Your guide to Vitrectomy surgery.

What is Vitrectomy Surgery?

The vitreous, or clear gel substance filling the inside of the eye cavity, serves two primary purposes: to help the eyeball maintain its spherical shape and to provide pressure that keeps the retina in its proper position.

There are certain conditions that necessitate the removal of the vitreous, either because the vitreous itself is affected or because the retina needs to be repaired and removing the vitreous provides better access. The procedure to remove the vitreous is called vitrectomy.

As long as vitrectomy is performed by an eye doctor with the appropriate training in retina and vitreous problems, the procedure is usually very safe with great outcomes. The Eye Health Centre team includes ophthalmologists who completed fellowship training in the medical and surgical treatment of conditions affecting the retina and vitreous. We have performed many vitrectomy procedures and understand the keys to success.

When Is Vitrectomy Performed?

Your eye doctor may recommend a vitrectomy if you develop any of the following conditions:

  • Diabetic retinopathy – when blood vessels in the retina leak and new, abnormal blood vessels form
  • Macular edema – swelling in the macula, or the part of the retina that controls central and detail vision
  • Uveitis – inflammation in the uvea, or middle layer of tissue in the eye
  • Retinal vein occlusion – an obstruction of the veins that carry blood away from the retina
  • Endophthalmitis – infection of the eye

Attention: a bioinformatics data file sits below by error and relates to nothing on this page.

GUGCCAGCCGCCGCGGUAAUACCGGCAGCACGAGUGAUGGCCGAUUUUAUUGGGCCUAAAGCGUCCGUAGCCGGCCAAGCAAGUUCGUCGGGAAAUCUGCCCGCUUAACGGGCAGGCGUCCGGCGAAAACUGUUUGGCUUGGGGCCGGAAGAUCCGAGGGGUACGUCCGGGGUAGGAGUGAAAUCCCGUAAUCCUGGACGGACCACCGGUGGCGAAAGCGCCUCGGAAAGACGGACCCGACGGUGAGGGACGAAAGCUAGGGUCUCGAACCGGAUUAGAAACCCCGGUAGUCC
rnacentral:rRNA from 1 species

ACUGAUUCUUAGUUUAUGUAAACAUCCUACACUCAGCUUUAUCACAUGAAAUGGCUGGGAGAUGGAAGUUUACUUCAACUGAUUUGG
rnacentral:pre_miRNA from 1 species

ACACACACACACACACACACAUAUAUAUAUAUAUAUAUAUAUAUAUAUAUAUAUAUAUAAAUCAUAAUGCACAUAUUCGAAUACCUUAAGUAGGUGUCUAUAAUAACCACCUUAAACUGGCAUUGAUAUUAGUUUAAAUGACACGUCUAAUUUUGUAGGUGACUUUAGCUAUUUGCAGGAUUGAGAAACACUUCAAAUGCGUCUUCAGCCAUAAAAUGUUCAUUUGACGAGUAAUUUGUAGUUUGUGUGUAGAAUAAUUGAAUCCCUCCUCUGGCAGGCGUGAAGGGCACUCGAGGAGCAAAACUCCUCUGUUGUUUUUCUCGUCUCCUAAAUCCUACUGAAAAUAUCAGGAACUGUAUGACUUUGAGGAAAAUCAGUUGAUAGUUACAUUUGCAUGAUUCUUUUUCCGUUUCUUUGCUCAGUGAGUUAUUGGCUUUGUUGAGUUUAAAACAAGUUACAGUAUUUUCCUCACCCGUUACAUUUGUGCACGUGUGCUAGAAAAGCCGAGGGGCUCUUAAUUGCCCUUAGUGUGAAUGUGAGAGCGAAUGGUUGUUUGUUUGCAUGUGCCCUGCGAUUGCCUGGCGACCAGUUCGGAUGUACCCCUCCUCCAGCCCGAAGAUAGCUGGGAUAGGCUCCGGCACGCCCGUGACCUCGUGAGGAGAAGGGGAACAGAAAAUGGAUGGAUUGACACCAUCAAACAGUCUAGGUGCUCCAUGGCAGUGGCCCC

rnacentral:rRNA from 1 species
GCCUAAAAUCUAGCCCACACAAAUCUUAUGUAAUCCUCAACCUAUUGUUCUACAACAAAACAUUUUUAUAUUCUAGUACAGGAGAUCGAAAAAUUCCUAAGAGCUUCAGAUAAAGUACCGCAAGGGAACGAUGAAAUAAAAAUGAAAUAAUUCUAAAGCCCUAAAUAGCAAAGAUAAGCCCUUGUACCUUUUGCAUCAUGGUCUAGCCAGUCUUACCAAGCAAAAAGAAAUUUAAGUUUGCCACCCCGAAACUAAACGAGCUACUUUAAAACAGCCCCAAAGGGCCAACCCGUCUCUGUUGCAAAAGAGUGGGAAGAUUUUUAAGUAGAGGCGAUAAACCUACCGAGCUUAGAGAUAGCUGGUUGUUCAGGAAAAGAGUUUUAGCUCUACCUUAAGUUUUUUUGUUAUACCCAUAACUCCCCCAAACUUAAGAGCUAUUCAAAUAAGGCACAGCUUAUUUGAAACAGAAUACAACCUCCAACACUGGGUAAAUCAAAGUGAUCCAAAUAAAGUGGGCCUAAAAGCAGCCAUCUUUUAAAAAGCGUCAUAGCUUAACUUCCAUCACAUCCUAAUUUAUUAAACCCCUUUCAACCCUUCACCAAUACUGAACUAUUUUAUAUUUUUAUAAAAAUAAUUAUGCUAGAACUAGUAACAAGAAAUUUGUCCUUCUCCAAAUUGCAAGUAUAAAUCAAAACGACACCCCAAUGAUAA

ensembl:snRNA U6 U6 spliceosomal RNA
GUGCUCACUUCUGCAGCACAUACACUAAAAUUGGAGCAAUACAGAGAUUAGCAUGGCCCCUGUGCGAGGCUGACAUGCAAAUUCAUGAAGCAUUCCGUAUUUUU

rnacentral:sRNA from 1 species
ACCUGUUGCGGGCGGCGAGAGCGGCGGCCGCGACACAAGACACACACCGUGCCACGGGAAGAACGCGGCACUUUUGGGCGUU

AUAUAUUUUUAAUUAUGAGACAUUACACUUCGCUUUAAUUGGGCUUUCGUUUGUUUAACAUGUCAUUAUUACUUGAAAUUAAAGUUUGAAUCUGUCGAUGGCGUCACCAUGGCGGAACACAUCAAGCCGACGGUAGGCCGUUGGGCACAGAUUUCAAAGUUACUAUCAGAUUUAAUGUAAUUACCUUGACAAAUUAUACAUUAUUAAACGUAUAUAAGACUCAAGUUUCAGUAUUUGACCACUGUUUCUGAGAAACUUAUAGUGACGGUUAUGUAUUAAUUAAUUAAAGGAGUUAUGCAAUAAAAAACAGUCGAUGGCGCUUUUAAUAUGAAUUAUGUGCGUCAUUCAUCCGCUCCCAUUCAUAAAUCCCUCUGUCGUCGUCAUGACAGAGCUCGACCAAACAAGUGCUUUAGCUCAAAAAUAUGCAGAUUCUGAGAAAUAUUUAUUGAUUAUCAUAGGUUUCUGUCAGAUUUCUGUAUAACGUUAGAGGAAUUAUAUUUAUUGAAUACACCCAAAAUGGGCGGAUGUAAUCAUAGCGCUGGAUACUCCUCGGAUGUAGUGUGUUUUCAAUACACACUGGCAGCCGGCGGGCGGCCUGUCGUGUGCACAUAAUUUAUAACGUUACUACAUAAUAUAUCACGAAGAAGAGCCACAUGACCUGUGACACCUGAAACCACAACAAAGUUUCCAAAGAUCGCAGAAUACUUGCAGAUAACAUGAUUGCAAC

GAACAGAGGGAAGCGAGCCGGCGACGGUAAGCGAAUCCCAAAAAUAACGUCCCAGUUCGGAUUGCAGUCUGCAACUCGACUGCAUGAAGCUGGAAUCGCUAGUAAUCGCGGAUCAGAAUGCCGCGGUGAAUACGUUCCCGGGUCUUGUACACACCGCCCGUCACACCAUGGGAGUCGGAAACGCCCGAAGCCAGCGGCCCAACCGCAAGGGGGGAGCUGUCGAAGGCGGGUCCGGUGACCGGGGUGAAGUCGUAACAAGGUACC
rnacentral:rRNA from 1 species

Our doctors will consult with you about every aspect of vitrectomy and help you decide whether the benefits outweigh the potential risks. We will ensure you have all of the information you need to make an educated decision about your care.

Vitrectomy Surgery Details

Vitrectomy is usually performed as a day surgery. Anesthesia is used for your complete comfort. You should not feel any pain or remember anything from the procedure.

There are two different types of vitrectomy procedures.

A pars plana vitrectomy refers to a procedure to treat diseases of the posterior segment of the eye, which is made up of the retina, retinal pigment epithelium and choroid.

An anterior vitrectomy refers to a procedure to treat vitreous gel in the anterior segment of the eye, which is made up of the iris and the lens. This approach is most commonly used if the vitreous gets into the anterior chamber during cataract surgery.

After the vitreous has been removed from the eye, the doctor can make any necessary repairs. If the retina has developed a tear or hole, the doctor can seal off the opening. If the retina is displaced, the doctor can reposition it and secure it in place. Scar tissue and other foreign material that may be impairing vision can be removed.

The doctor then replaces the vitreous with a saline or silicone oil or a gas bubble. The surgical incisions may be closed with stitches or they may be designed to be “self-sealing.”

Vitrectomy Recovery

Depending on the individual circumstances of the case, you may be asked to take special precautions after vitrectomy, such as avoiding air travel and/or maintaining a face-down position for a specific period of time. Our team will give you complete post-operative instructions and answer any questions you have about the recovery process. We will also follow up with you after the procedure to monitor your eye condition and make sure you heal optimally.

Do you have a question or concern about your eye health? To discuss your condition with an experienced ophthalmologist or optometrist, please contact The Eye Health Centre